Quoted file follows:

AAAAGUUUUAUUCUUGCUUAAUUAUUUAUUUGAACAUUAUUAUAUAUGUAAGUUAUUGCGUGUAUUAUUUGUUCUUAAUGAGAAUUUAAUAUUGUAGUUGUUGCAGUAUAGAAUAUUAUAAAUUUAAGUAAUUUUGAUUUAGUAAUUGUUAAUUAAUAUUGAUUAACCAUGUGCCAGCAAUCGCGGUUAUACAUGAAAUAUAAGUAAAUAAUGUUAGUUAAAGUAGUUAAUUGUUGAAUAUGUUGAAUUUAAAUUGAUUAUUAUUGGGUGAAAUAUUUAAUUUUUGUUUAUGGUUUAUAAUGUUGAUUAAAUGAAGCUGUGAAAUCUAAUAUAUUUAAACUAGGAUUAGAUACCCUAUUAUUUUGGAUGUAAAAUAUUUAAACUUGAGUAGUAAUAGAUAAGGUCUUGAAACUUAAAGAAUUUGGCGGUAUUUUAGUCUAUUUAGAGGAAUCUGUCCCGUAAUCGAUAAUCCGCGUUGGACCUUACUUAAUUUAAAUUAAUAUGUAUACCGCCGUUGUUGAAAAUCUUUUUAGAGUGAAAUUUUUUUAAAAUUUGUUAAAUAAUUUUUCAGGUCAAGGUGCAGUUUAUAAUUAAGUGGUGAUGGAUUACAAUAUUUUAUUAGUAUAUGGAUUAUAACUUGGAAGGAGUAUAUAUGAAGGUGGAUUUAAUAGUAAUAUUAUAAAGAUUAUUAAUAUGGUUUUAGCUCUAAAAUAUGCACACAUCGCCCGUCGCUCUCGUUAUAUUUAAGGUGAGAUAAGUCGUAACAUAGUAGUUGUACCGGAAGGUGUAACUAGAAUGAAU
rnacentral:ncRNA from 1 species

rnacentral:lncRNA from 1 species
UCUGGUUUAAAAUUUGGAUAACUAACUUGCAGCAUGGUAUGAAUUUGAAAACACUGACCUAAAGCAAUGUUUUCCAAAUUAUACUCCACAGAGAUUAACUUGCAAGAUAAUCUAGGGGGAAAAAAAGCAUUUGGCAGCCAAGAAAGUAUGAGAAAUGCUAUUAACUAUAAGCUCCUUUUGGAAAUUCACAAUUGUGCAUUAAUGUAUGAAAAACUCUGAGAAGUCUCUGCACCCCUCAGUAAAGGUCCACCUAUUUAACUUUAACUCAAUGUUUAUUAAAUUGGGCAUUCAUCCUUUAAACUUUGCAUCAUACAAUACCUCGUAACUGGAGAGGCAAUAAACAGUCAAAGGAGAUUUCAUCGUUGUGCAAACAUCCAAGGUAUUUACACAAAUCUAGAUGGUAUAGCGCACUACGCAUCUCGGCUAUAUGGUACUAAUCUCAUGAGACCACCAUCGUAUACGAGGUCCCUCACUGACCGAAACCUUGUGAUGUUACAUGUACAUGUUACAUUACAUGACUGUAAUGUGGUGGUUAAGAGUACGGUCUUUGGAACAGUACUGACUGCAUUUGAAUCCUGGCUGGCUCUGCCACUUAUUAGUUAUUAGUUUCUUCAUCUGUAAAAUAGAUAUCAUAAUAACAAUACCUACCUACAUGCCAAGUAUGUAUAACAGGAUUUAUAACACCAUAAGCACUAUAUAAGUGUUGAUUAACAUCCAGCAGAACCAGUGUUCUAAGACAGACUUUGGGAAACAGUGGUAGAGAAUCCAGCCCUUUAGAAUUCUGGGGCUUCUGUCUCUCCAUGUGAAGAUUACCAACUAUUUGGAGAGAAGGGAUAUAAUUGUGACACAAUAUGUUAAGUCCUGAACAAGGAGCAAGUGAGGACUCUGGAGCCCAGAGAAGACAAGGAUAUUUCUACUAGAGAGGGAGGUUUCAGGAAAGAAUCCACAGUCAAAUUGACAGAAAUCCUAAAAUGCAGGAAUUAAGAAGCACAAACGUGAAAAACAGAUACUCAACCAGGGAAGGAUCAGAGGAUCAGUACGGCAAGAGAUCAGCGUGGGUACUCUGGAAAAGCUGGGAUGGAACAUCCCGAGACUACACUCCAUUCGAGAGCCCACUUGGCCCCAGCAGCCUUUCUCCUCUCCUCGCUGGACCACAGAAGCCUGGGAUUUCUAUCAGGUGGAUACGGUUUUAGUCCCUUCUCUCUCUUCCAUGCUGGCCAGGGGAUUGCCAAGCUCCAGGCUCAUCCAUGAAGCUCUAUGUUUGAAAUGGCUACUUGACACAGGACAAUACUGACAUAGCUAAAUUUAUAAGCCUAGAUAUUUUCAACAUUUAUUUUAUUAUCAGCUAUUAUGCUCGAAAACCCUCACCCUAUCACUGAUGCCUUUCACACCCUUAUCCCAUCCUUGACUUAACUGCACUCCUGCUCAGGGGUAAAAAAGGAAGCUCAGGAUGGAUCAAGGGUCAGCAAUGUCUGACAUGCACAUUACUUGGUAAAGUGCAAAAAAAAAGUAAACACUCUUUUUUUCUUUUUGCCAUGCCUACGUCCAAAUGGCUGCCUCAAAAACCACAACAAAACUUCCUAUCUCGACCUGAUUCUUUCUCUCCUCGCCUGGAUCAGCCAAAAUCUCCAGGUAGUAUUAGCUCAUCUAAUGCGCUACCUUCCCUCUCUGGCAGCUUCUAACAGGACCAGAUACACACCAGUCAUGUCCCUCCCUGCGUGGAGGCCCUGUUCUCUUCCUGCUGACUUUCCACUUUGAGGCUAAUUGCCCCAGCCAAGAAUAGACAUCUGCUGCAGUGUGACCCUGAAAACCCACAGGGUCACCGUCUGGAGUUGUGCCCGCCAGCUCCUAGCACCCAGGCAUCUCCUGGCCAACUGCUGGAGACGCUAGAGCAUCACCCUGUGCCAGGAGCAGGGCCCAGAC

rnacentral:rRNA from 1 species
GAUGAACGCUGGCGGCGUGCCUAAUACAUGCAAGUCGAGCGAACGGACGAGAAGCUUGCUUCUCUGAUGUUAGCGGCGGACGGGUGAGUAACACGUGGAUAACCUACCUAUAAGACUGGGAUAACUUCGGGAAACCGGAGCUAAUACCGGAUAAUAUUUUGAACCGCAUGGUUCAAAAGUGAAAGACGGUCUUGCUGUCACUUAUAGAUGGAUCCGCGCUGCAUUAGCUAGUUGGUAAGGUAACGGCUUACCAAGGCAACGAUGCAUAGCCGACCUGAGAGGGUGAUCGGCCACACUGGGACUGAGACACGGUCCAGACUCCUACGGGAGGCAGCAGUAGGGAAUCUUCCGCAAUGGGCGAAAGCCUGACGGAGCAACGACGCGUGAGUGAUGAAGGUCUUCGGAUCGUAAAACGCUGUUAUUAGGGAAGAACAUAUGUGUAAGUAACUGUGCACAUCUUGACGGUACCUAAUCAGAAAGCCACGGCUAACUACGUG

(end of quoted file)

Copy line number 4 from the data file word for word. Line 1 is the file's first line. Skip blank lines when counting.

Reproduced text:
UCUGGUUUAAAAUUUGGAUAACUAACUUGCAGCAUGGUAUGAAUUUGAAAACACUGACCUAAAGCAAUGUUUUCCAAAUUAUACUCCACAGAGAUUAACUUGCAAGAUAAUCUAGGGGGAAAAAAAGCAUUUGGCAGCCAAGAAAGUAUGAGAAAUGCUAUUAACUAUAAGCUCCUUUUGGAAAUUCACAAUUGUGCAUUAAUGUAUGAAAAACUCUGAGAAGUCUCUGCACCCCUCAGUAAAGGUCCACCUAUUUAACUUUAACUCAAUGUUUAUUAAAUUGGGCAUUCAUCCUUUAAACUUUGCAUCAUACAAUACCUCGUAACUGGAGAGGCAAUAAACAGUCAAAGGAGAUUUCAUCGUUGUGCAAACAUCCAAGGUAUUUACACAAAUCUAGAUGGUAUAGCGCACUACGCAUCUCGGCUAUAUGGUACUAAUCUCAUGAGACCACCAUCGUAUACGAGGUCCCUCACUGACCGAAACCUUGUGAUGUUACAUGUACAUGUUACAUUACAUGACUGUAAUGUGGUGGUUAAGAGUACGGUCUUUGGAACAGUACUGACUGCAUUUGAAUCCUGGCUGGCUCUGCCACUUAUUAGUUAUUAGUUUCUUCAUCUGUAAAAUAGAUAUCAUAAUAACAAUACCUACCUACAUGCCAAGUAUGUAUAACAGGAUUUAUAACACCAUAAGCACUAUAUAAGUGUUGAUUAACAUCCAGCAGAACCAGUGUUCUAAGACAGACUUUGGGAAACAGUGGUAGAGAAUCCAGCCCUUUAGAAUUCUGGGGCUUCUGUCUCUCCAUGUGAAGAUUACCAACUAUUUGGAGAGAAGGGAUAUAAUUGUGACACAAUAUGUUAAGUCCUGAACAAGGAGCAAGUGAGGACUCUGGAGCCCAGAGAAGACAAGGAUAUUUCUACUAGAGAGGGAGGUUUCAGGAAAGAAUCCACAGUCAAAUUGACAGAAAUCCUAAAAUGCAGGAAUUAAGAAGCACAAACGUGAAAAACAGAUACUCAACCAGGGAAGGAUCAGAGGAUCAGUACGGCAAGAGAUCAGCGUGGGUACUCUGGAAAAGCUGGGAUGGAACAUCCCGAGACUACACUCCAUUCGAGAGCCCACUUGGCCCCAGCAGCCUUUCUCCUCUCCUCGCUGGACCACAGAAGCCUGGGAUUUCUAUCAGGUGGAUACGGUUUUAGUCCCUUCUCUCUCUUCCAUGCUGGCCAGGGGAUUGCCAAGCUCCAGGCUCAUCCAUGAAGCUCUAUGUUUGAAAUGGCUACUUGACACAGGACAAUACUGACAUAGCUAAAUUUAUAAGCCUAGAUAUUUUCAACAUUUAUUUUAUUAUCAGCUAUUAUGCUCGAAAACCCUCACCCUAUCACUGAUGCCUUUCACACCCUUAUCCCAUCCUUGACUUAACUGCACUCCUGCUCAGGGGUAAAAAAGGAAGCUCAGGAUGGAUCAAGGGUCAGCAAUGUCUGACAUGCACAUUACUUGGUAAAGUGCAAAAAAAAAGUAAACACUCUUUUUUUCUUUUUGCCAUGCCUACGUCCAAAUGGCUGCCUCAAAAACCACAACAAAACUUCCUAUCUCGACCUGAUUCUUUCUCUCCUCGCCUGGAUCAGCCAAAAUCUCCAGGUAGUAUUAGCUCAUCUAAUGCGCUACCUUCCCUCUCUGGCAGCUUCUAACAGGACCAGAUACACACCAGUCAUGUCCCUCCCUGCGUGGAGGCCCUGUUCUCUUCCUGCUGACUUUCCACUUUGAGGCUAAUUGCCCCAGCCAAGAAUAGACAUCUGCUGCAGUGUGACCCUGAAAACCCACAGGGUCACCGUCUGGAGUUGUGCCCGCCAGCUCCUAGCACCCAGGCAUCUCCUGGCCAACUGCUGGAGACGCUAGAGCAUCACCCUGUGCCAGGAGCAGGGCCCAGAC